Cantab: I had a similar experience with them last year. Four separate unsustainable statements in succession. Two were of little consequence, arguably, but two were about my order. At that point I gave up and took my business downstairs, after having been a customer since 1999. I am extremely happy with the new guys, who charge less, make a comparable-quality shirt that fits (me) better, and shoot straight.
post #40 of 46
We're definitely getting to that point if we're not already there...

I was able to meet Mark, Atam's father. He really impressed me. He's definitely proud of the business they've built but struck me as an honest, no-nonsense guy.

Is Geneva open on Saturdays? That would seal the deal. I don't begrudge anyone wanting to take a weekend but I really just can't get to Little Korea during the week more often than once every 2-3 months.
post #41 of 46
I'd be interested in hearing more about Geneva, too. Paris's hours are really inconvenient for me, too, and while I am not dissatisfied with Paris, their operating style isn't a perfect mesh with me personally.
post #42 of 46
Whoopee, I am curious as to why you are using local NYC outfits for your shirts when you are getting such good results and are happy with Chan for your suits. Why not use Chan for your shirts too?
post #43 of 46
While the fit through the body and sleeves turned out well, the make, the available fabrics, and some details are not to my liking.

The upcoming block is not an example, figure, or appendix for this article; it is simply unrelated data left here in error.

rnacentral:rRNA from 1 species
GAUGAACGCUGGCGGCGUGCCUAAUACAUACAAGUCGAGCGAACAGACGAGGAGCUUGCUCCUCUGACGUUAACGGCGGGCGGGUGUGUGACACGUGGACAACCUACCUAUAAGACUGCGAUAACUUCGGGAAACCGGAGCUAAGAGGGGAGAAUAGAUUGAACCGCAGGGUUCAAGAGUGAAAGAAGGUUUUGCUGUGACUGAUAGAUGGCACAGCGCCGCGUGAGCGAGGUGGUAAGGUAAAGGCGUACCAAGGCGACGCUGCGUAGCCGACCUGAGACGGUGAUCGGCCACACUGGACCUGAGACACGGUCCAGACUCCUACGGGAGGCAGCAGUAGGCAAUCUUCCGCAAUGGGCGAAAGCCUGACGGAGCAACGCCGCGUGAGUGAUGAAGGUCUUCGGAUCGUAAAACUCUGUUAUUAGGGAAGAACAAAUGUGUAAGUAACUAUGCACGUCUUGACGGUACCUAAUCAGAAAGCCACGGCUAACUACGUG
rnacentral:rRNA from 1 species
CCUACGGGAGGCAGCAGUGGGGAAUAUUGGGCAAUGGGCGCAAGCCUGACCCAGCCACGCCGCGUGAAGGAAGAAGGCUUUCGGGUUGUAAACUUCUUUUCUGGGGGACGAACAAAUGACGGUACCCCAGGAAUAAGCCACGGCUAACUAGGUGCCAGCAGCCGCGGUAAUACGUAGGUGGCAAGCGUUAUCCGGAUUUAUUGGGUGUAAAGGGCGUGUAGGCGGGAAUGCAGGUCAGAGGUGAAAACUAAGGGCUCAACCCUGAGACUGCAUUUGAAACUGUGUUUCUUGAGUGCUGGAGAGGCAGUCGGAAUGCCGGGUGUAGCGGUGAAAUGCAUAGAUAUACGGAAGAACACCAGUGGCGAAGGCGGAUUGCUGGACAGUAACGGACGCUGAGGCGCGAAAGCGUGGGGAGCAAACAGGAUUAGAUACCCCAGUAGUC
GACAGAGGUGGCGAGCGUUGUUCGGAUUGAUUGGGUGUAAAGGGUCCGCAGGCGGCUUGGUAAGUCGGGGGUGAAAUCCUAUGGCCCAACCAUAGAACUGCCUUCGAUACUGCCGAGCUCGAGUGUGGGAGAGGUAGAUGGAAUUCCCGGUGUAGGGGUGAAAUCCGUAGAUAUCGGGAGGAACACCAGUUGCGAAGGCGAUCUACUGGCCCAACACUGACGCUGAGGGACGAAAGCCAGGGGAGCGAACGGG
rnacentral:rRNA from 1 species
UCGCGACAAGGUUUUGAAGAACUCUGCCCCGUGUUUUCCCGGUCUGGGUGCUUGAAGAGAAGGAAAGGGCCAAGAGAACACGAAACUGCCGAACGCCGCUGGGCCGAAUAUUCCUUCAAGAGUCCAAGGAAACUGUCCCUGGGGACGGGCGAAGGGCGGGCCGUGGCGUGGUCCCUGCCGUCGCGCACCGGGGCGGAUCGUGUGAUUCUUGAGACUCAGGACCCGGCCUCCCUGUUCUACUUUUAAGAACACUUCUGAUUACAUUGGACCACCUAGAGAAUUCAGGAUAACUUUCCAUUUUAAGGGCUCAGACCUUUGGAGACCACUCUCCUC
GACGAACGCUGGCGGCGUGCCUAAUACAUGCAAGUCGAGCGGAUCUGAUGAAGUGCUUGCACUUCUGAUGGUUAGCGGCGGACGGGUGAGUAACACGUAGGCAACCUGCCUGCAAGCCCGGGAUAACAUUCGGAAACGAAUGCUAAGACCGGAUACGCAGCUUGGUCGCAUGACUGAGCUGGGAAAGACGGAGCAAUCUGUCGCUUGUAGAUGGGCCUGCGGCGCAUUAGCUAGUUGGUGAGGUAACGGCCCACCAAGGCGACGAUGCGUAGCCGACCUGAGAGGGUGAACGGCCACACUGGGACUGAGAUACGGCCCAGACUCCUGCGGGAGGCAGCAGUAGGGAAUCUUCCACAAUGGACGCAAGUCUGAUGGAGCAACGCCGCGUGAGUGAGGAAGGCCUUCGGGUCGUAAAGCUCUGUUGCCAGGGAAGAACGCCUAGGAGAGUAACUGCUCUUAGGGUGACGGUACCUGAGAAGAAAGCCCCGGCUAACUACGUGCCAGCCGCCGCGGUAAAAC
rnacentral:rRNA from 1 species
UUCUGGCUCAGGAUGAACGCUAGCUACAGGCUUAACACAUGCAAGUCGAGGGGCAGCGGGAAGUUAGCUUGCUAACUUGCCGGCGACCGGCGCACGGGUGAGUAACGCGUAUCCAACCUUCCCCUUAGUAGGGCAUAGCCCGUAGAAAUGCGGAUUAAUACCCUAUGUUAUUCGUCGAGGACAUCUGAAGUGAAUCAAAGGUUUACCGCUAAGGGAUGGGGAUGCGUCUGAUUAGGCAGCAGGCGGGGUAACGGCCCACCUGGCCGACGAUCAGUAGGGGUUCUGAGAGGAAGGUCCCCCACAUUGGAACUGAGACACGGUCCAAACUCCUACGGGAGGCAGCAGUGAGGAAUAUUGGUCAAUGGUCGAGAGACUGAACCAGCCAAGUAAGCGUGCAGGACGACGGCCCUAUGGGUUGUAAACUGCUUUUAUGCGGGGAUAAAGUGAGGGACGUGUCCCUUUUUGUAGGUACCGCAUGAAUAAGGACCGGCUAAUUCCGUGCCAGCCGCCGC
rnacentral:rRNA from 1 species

post #44 of 46
Quote:
Originally Posted by rnoldh
I was wondering if anyone on the Forum has personal experience with ordering Alexander Kabazz's shirts. They are beyond my budget. Yet with some of the high rollers on this forum ( Kiton k50 suits, Huntsman Bespoke suits, etc.), there must be someone that has experience. Or is there not?
From what I've seen posted on the various fora, and the firm website, I get the impression that his shirts have a somewhat flamboyant dated look to them. They're perfectly suited to the power-suits of days past.
post #45 of 46
Quote:
Originally Posted by LabelKing
From what I've seen posted on the various fora, and the firm website, I get the impression that his shirts have a somewhat flamboyant dated look to them. They're perfectly suited to the power-suits of days past.

And to the relaxed suits of Naples today, if that's what you want.

His dress shirts are impeccably fit, the service is close to perfect and the fabric selection one of the very best on the planet.